The hemoglobin, red blood cell (RBC) count, total and differential white blood cell (WBC) count, platelets, erythrocyte sedimentation rate (ESR), blood glucose, blood urea nitrogen (BUN), serum creatinine and urine routine and microscopic examinations did not show any significant changes over the course of treatment in either group (Table 5).


Table 5. Blood Safety Parameters in the Two Groups and Significance of Difference


BV-7310 (n = 31)


Placebo (n = 30)

Significance of difference of means


1st visit

Last visit

1st visit

Last visit

Hemoglobin (g%)

11.9 ± 2.8

11.67 ± 2.38

11.7 ± 3.2

11.5 ± 2.6

P > 0.05

RBC count (per mm3)

4.5 ± 0.6

4.59 ± 0.4

4.67 ± 0.6

4.5 ± 0.6

P > 0.05

WBC count (per mm3)

8,920 ± 3,450

8,071± 2,388

9,080 ± 3,540

7,642 ± 1,528

P > 0.05

Neutrophils (%)

71.8% ± 13.5

66.48% ± 8.67

71.4% ± 10.4

68.2% ± 9.2

P > 0.05

Lymphocytes (%)

25.3% ± 12.6

32.28% ± 8.35

25.3% ± 9.5

29.5% ± 9.6

P > 0.05

ESR (Westergren method mm/hr)

13.9 ± 10.6

11.4 ± 7.85

15.6 ± 8.6

13.2 ± 9.2

P > 0.05

Fasting blood glucose (mg/dL)

110 ± 42.7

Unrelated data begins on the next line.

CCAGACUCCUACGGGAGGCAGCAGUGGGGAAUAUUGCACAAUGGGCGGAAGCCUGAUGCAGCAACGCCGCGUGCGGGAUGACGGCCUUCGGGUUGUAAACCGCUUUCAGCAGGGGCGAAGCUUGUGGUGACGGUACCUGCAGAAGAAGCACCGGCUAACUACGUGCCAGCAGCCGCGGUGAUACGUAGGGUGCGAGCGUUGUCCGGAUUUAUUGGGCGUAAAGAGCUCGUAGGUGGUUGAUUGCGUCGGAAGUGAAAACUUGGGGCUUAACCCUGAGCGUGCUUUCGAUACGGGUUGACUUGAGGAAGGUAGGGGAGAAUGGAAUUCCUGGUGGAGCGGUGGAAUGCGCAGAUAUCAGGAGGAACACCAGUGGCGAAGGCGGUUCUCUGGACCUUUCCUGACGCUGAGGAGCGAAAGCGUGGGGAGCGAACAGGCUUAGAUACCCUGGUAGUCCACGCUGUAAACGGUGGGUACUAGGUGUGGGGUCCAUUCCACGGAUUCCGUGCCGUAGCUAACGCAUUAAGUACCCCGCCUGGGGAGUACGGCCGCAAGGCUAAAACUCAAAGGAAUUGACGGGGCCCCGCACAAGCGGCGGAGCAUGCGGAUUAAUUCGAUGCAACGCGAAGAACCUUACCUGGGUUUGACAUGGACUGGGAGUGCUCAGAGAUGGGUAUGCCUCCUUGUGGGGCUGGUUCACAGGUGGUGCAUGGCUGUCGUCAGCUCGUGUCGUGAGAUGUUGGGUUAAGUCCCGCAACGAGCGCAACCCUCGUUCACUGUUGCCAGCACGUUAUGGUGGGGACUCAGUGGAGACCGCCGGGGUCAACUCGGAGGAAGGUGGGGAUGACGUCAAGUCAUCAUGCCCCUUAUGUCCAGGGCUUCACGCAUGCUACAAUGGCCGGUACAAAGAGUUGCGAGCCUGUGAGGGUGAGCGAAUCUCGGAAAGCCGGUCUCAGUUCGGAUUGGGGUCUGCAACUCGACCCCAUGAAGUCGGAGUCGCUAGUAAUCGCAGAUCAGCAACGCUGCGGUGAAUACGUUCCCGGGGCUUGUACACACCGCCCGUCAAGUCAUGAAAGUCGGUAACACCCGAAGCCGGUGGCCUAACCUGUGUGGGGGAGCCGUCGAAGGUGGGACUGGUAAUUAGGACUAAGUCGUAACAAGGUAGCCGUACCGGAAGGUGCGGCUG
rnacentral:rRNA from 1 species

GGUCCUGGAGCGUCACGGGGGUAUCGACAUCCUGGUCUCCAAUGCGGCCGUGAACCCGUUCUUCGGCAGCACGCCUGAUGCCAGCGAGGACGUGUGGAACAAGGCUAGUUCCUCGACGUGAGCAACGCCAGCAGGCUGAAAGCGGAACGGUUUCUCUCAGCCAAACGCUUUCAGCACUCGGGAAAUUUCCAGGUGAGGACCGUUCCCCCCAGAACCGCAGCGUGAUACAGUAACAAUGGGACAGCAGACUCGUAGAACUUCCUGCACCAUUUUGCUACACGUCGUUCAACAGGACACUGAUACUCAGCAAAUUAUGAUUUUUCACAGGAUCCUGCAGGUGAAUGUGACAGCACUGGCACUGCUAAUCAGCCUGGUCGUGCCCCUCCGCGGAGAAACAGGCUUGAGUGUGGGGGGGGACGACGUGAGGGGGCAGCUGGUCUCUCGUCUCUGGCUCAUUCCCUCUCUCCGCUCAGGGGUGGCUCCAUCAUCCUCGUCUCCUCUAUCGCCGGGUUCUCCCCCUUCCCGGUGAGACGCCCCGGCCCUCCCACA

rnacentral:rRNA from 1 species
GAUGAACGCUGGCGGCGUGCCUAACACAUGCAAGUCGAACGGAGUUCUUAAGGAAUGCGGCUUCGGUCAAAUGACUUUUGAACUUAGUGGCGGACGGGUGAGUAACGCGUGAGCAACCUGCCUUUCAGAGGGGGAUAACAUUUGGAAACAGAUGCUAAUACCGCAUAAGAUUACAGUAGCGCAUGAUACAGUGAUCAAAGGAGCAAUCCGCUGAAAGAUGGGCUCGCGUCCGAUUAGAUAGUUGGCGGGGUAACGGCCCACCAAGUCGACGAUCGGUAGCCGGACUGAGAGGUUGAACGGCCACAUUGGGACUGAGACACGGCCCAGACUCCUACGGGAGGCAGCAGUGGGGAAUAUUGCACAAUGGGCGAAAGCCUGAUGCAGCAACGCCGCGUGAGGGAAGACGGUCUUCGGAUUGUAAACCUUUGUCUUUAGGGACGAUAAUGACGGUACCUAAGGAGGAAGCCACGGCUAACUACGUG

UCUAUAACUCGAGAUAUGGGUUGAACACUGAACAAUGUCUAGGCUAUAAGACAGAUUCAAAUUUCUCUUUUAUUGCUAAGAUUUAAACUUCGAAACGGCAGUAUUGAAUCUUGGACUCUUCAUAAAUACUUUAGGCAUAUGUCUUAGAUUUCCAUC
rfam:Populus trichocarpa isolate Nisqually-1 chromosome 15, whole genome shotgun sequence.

93.71 ± 19.48

102.5 ± 25.6

93.2 ± 14.9

P > 0.05

Blood urea and nitrogen (mg%)

20.3 ± 14.7

15.36 ± 7.29

21.1 ± 14.9

14.8 ± 8.6

P > 0.05

Serum creatinine (mg%)

0.86 ± 0.39

0.764 ± 0.287

0.8 ± 0.3

0.8 ± 0.2

P > 0.05

Platelet count (per mm3)

290,313 ± 2,84,970

237,538 ± 9,40,448

214,530 ± 1,10,030

211,615 ± 75,390

P > 0.05


n = number of subjects in specified group.

WBC =White blood cell; RBC = Red blood cell; ESR = Erythrocyte sedimentation rate.


Global Impression

The investigator/s and the patient/s rated the mode of treatment at the end of study. Ten subjects on BV-7310 and 8 on placebo rated the treatment as excellent. The outcome of treatment was rated poor by 1 patient on placebo.

The treatment outcome was rated as excellent by the investigators in 14 subjects on BV-7310 against 4 subjects on placebo. The outcome was poorly rated in 4 subjects, all on placebo.